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Amazon Bullying Kindle Sites?  (View post)

WindowsObserver [PersonRank 0]

Friday, February 8, 2008
16 years ago4,755 views

My site at – which I am buildiung as an enthusiast site has been targetted in the same manner. Just change the URL.

It seems I have no choice but to turn over the domain or face legal action.

Jason Schramm [PersonRank 5]

16 years ago #

When did they talk about legal action? In my email they only said they would shut down my associate account, which they may not be able to do.

Ryan Ricketts [PersonRank 0]

16 years ago #

I'm sorry, but I really agree with Amazon on this one.

the kindle blog [PersonRank 0]

16 years ago #

they shut down my associate account

Niraj Sanghvi [PersonRank 10]

16 years ago #

I don't agree with the practice, but it seems like they're obligated to do it, as with Google and their Adsense-related notices like Philipp linked. It's unfortunate because it certainly seems like everyone should be benefitting from such a thing.

And yet sites like still exist and seem to be doing fine (I don't remember them having any issues with Apple over the name), so I wonder if these other companies are just going overkill on taking precautions.

Eugene Villar [PersonRank 5]

16 years ago #

I don't agree with this. It's true that companies are obligated to enforce their trademarks if they don't want it to become a generic brand, but they should only do so *against* trademark infringers, of which fan sites are often not. Just place a clearly visible notice on the site that says "Kindle Report is not affiliated with" and "Kindle is a registered (?) trademark of" or something like those. This makes it clear that no trademark infringement is meant (i.e., you're not aiming to capitalize on a trademark by confusing consumers) and Amazon would still not be remiss in enforcing their trademarks.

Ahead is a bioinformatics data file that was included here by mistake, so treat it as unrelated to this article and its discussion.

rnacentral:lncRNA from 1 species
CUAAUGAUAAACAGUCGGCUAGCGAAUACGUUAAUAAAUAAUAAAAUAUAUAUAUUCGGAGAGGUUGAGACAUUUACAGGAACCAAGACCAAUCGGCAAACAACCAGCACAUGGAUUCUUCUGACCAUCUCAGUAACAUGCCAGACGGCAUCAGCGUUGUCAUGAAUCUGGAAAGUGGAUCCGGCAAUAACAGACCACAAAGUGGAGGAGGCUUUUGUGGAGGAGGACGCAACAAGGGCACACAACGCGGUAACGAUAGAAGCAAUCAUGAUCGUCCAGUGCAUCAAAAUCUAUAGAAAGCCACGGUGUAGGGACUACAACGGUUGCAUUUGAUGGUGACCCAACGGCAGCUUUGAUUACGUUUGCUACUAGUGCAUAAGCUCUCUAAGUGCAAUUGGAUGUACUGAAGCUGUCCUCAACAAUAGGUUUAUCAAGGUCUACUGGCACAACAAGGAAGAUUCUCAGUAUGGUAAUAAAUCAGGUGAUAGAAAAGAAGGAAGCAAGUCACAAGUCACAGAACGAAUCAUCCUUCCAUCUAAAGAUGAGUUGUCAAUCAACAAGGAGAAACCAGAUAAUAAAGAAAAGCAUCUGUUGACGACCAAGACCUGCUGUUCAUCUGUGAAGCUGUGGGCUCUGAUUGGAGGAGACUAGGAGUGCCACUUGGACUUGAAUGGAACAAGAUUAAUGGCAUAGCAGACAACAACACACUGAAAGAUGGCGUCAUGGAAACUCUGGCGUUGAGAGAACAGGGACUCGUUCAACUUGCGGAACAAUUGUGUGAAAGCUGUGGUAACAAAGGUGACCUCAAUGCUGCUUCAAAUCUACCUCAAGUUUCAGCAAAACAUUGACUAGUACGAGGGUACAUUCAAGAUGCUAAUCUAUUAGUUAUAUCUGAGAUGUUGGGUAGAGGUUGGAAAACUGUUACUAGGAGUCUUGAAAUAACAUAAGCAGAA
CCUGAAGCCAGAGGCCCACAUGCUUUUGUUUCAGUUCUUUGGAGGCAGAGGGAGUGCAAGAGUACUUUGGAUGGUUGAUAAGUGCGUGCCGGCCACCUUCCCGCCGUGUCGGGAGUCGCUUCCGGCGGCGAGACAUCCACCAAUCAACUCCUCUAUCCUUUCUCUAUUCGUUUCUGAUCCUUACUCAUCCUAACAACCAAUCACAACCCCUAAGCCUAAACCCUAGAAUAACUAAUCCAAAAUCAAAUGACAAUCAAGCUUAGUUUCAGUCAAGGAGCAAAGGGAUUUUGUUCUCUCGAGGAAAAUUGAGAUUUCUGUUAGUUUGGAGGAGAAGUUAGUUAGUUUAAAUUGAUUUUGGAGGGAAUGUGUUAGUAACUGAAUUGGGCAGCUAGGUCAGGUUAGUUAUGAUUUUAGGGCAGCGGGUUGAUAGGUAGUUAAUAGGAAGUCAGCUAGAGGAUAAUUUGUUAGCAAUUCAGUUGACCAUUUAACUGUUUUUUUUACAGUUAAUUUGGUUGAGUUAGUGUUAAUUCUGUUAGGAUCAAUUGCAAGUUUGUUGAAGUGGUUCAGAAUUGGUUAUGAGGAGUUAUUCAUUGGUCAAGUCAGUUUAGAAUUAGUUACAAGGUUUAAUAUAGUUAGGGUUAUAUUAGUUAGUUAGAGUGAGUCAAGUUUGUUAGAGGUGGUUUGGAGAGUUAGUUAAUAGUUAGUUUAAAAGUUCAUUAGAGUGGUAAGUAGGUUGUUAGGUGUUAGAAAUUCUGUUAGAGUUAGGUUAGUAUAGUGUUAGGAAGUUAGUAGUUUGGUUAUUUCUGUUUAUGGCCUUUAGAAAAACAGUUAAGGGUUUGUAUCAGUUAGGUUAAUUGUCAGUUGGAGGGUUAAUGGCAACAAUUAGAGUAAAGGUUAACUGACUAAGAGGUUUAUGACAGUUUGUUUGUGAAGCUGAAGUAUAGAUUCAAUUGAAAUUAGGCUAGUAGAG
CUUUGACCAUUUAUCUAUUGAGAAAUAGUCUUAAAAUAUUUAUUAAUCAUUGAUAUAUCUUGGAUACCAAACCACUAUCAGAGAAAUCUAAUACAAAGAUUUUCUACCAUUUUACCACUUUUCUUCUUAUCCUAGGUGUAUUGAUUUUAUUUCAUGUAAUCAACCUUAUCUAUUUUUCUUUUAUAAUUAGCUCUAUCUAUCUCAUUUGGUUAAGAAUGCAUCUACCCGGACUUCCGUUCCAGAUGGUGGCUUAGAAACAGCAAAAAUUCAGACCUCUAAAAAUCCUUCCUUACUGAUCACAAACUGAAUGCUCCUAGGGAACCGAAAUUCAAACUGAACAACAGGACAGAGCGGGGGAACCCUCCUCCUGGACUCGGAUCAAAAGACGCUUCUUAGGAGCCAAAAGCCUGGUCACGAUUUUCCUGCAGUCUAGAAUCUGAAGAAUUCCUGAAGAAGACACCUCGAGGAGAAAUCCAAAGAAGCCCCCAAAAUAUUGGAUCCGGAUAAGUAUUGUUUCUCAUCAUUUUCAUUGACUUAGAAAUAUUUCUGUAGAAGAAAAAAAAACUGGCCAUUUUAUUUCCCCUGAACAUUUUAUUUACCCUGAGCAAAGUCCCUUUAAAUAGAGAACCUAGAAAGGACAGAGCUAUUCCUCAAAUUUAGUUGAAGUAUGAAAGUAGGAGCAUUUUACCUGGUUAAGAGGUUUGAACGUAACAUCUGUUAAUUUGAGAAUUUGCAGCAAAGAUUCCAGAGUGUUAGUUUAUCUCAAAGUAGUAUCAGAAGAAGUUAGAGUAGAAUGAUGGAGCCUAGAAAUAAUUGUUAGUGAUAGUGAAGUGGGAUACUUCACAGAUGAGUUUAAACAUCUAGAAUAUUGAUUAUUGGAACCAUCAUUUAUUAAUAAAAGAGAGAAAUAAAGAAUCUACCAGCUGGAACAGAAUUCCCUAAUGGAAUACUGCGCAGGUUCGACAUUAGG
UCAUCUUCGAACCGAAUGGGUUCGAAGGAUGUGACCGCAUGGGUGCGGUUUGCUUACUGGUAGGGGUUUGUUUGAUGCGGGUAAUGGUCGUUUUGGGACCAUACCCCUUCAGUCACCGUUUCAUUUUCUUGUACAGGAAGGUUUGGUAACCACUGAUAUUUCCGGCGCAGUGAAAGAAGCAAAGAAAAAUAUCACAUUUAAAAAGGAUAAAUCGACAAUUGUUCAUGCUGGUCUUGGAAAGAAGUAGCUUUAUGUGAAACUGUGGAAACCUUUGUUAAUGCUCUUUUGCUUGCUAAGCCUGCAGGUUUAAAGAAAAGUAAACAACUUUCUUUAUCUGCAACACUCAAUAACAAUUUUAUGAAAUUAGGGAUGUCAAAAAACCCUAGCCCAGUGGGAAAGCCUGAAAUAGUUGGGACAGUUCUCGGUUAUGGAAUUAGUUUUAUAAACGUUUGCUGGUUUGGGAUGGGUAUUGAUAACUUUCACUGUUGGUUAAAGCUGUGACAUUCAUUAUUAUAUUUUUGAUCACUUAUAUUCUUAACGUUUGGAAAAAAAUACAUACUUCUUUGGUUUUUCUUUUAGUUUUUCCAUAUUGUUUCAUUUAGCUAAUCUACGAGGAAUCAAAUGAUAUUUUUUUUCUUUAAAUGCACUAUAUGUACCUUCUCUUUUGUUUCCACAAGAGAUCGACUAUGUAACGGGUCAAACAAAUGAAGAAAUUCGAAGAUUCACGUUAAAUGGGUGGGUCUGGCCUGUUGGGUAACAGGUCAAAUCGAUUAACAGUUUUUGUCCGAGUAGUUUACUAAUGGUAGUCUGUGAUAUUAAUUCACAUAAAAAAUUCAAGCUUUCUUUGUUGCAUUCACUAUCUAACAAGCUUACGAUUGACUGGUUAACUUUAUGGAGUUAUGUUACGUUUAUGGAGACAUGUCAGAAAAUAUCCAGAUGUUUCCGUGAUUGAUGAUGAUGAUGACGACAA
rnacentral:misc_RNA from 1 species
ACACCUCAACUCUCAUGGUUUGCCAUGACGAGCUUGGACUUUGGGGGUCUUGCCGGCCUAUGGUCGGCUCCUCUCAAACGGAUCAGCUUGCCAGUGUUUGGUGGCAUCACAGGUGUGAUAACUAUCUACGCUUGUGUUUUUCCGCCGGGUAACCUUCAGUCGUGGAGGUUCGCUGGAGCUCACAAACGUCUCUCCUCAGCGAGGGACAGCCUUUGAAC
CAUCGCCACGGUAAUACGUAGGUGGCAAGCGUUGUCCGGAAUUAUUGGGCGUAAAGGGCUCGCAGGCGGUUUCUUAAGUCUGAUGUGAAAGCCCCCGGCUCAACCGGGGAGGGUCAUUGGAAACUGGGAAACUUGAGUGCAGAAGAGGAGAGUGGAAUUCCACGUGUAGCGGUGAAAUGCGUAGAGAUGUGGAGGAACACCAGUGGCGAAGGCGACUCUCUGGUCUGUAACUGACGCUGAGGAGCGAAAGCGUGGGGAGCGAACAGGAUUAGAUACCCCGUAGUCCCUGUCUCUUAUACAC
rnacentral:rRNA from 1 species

Trademark law is meant to protect consumers from brand confusion. It's not meant to give companies monopolies over the usage of logos or names.

Mr. Irony [PersonRank 0]

16 years ago #

I totally understand Amazon's desire to protect their trademark, but...

Don't you think it's kind of funny that someone could go out and register a url that makes fun of the Kindle and, as long as you're not using your associate ID along the way, you're good to go? It looks like is already taken (probably owned by Amazon if they're smart!), but ones like and plenty of others are wide open.

Why would Amazon want to alienate people who are trying to help them promote their new device while others are free to build negativity sites about it? Again, I understand the trademark issue, but as Eugene Villar noted above, why doesn't Amazon simply work with these other site owners and have them display some sort of disclaimer stating their independence from Amazon?

mrbene [PersonRank 10]

16 years ago #

Bah. I really dislike intellectual property and the wolves that come out.

Kindle is a plain English verb – it means to start a fire, to excite, and similar. As such it falls into the world of "Arbitrary" or "Suggestive" trademark, hence the fierce protection.

Ryan, care to elaborate on your agreement with Amazon? In my world, rolling over and playing dead any time a corporate entity grabs more property is the express route to having no rights at all.

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